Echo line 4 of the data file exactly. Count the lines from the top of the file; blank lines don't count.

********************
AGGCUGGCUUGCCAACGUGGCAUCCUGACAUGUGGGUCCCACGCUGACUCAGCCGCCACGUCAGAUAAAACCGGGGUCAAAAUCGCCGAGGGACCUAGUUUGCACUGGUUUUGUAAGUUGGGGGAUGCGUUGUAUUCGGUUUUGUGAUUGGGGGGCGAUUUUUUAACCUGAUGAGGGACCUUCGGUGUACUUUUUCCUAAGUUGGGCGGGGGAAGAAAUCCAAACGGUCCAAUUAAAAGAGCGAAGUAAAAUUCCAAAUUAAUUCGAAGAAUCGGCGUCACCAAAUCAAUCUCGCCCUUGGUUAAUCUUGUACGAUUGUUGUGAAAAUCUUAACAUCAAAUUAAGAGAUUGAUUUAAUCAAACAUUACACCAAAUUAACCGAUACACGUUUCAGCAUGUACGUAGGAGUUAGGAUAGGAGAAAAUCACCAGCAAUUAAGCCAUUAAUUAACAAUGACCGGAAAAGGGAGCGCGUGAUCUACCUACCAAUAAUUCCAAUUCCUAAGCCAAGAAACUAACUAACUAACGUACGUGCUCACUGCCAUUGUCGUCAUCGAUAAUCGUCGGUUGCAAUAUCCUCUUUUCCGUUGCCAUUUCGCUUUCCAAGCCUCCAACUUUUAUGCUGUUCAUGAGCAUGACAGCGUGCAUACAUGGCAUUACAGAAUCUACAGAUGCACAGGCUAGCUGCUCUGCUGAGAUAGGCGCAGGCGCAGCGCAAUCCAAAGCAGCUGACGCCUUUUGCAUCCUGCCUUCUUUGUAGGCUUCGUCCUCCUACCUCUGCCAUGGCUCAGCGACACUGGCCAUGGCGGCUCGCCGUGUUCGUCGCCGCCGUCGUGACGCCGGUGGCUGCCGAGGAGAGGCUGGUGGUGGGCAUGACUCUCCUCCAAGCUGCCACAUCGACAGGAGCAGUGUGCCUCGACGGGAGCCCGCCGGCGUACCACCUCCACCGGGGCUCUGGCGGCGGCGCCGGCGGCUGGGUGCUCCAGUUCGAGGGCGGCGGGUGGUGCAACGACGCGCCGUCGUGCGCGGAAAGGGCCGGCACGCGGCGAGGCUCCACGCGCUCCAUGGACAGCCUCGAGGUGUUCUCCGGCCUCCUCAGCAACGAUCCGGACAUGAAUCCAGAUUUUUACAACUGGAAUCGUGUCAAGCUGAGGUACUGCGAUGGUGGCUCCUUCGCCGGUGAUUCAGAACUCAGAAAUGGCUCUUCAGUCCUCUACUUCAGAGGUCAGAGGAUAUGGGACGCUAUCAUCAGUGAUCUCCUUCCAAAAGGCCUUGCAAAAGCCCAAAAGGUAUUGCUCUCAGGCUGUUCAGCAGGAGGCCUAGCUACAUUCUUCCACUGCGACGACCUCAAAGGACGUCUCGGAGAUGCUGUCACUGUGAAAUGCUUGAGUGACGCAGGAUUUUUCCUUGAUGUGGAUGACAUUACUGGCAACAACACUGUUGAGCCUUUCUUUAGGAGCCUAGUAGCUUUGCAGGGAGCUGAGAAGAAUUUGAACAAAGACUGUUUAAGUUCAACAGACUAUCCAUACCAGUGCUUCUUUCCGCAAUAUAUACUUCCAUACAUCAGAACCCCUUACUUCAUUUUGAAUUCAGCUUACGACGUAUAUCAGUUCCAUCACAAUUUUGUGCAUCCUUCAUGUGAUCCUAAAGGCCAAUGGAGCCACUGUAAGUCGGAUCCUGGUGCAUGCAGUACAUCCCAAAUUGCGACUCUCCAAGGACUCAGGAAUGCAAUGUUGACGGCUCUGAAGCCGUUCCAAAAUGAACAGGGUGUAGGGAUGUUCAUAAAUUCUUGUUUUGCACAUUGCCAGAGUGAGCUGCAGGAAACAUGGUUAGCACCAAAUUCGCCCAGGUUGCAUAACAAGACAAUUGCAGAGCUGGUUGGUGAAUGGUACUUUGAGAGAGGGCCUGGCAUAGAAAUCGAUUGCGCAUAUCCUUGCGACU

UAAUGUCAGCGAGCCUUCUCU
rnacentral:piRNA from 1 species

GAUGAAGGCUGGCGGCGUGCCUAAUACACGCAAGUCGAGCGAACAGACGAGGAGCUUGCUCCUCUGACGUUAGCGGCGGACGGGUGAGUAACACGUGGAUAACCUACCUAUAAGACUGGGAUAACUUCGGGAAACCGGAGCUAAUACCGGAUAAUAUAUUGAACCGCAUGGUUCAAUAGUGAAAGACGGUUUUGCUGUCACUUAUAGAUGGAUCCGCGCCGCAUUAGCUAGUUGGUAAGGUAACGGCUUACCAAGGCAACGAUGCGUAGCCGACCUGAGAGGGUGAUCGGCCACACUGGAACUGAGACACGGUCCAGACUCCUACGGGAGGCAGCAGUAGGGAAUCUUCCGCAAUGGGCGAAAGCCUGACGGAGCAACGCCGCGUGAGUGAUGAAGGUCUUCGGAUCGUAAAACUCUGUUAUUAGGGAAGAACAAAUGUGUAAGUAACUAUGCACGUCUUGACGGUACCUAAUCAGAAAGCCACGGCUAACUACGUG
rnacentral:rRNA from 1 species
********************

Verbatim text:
GAUGAAGGCUGGCGGCGUGCCUAAUACACGCAAGUCGAGCGAACAGACGAGGAGCUUGCUCCUCUGACGUUAGCGGCGGACGGGUGAGUAACACGUGGAUAACCUACCUAUAAGACUGGGAUAACUUCGGGAAACCGGAGCUAAUACCGGAUAAUAUAUUGAACCGCAUGGUUCAAUAGUGAAAGACGGUUUUGCUGUCACUUAUAGAUGGAUCCGCGCCGCAUUAGCUAGUUGGUAAGGUAACGGCUUACCAAGGCAACGAUGCGUAGCCGACCUGAGAGGGUGAUCGGCCACACUGGAACUGAGACACGGUCCAGACUCCUACGGGAGGCAGCAGUAGGGAAUCUUCCGCAAUGGGCGAAAGCCUGACGGAGCAACGCCGCGUGAGUGAUGAAGGUCUUCGGAUCGUAAAACUCUGUUAUUAGGGAAGAACAAAUGUGUAAGUAACUAUGCACGUCUUGACGGUACCUAAUCAGAAAGCCACGGCUAACUACGUG